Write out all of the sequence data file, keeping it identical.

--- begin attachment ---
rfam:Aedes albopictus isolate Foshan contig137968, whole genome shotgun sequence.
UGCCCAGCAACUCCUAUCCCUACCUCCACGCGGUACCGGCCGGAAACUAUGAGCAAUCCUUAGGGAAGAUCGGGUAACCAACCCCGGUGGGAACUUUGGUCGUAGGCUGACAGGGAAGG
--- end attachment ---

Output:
rfam:Aedes albopictus isolate Foshan contig137968, whole genome shotgun sequence.
UGCCCAGCAACUCCUAUCCCUACCUCCACGCGGUACCGGCCGGAAACUAUGAGCAAUCCUUAGGGAAGAUCGGGUAACCAACCCCGGUGGGAACUUUGGUCGUAGGCUGACAGGGAAGG